Morocco, Interrupted

Everyday Heroes

I would like to write this letter to the everyday heroes, the nurses, cab drivers, and people like Douaa and Rania. The people who go above and beyond to serve the people they are taking care of. In my experiences, I’ve worked alongside nurses whose daily work goes often unrecognized. Now with the history-book-making coronavirus, these people are being spotlighted as first-line fighters and the heroes working to ensure the safety of patients. I want to extend my thanks to them for all of the work they are putting in and the personal risks they are taking to protect their patients.

In a perfect world, none of this would be happening. I would still be in Tangier and volunteering with the nurses at Croissant Rouge and Clinique Assalam, creating a stronger bond and friendship with them. I would be writing this while sipping juice outside on the patio soaking up the Tangier sun. Instead, I’m lying on my stomach in my room and it’s been raining outside for the past 24 hours. The sitcom “The Office” is playing in the background as white noise.

Here I am, living the dream in quarantine. The coronavirus in the United States is only getting worse, and last night we found out the social distancing and isolation would be extended for another month. This only increases tensions within the country as people are not taking the proper precautions and staying home. Some college-aged students still went on their spring breaks and had to quarantine once they got back home. Unsurprisingly, some of those students have tested positive for coronavirus. By doing this they are putting themselves and everyone they come into contact with at risk for contracting the virus.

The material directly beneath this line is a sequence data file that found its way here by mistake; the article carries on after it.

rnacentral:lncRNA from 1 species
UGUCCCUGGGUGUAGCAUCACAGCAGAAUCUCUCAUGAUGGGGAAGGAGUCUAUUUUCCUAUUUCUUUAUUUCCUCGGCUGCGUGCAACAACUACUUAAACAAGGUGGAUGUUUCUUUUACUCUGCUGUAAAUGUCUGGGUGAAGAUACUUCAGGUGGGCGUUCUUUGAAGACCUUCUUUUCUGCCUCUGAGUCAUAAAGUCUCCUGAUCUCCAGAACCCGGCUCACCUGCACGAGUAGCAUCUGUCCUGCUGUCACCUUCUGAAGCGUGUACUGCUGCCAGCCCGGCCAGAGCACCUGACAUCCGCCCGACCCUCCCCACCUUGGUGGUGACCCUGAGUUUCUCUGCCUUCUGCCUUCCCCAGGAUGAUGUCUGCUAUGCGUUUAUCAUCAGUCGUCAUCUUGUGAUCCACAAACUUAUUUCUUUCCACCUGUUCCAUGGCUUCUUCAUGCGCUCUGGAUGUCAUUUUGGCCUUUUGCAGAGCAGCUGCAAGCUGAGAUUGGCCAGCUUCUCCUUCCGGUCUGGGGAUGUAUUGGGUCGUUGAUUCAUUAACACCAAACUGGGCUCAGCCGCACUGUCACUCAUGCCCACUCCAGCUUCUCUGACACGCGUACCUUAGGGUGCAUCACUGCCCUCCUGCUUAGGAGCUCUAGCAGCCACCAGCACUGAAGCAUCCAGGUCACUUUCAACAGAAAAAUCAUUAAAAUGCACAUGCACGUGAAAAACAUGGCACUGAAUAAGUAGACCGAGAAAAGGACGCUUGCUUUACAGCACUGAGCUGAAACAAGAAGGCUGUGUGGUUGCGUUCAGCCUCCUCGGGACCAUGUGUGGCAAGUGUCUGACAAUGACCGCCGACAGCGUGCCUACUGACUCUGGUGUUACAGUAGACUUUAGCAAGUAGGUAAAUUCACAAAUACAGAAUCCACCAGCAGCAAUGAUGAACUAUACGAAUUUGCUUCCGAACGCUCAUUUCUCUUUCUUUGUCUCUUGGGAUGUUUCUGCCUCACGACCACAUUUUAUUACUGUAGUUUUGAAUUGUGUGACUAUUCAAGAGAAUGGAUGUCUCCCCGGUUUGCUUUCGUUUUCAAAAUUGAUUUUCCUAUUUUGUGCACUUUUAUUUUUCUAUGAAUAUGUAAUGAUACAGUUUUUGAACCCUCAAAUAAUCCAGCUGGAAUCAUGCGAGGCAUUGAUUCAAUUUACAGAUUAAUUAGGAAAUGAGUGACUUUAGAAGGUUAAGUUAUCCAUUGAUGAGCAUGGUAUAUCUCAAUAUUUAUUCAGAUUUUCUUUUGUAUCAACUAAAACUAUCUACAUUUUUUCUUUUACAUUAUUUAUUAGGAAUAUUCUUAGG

Hospitals and hospital staff are running out of the proper PPE — personal protection equipment — to treat their patients without getting sick themselves. Nurses and doctors have gone onto social media begging people to stay home so they can treat the patients and not increase their patient load and further spread the virus.

In my home state and area, there are now 253 confirmed cases and three deaths. Local companies and seamstresses have started making masks and donating them to people in need, nursing homes, healthcare providers and anyone who made need some. Personally, I would like to be helping in any way I can to those who need it. I know I’m doing my part by staying home—I have not left my house since coming back to the US ten days ago.

When my thoughts turn back to the medical professionals back in Morocco, I hope all their coronavirus patients will come out unscathed and that the nurses and doctors and other hospital staff remain safe and healthy. I hope in 6 weeks from now we can look past the virus and enjoy time with friends and family members we cannot see due to the potential threat of them getting the virus.

Alli Dumond is a Medical Biology (Medical Sciences) major at the University of New England.

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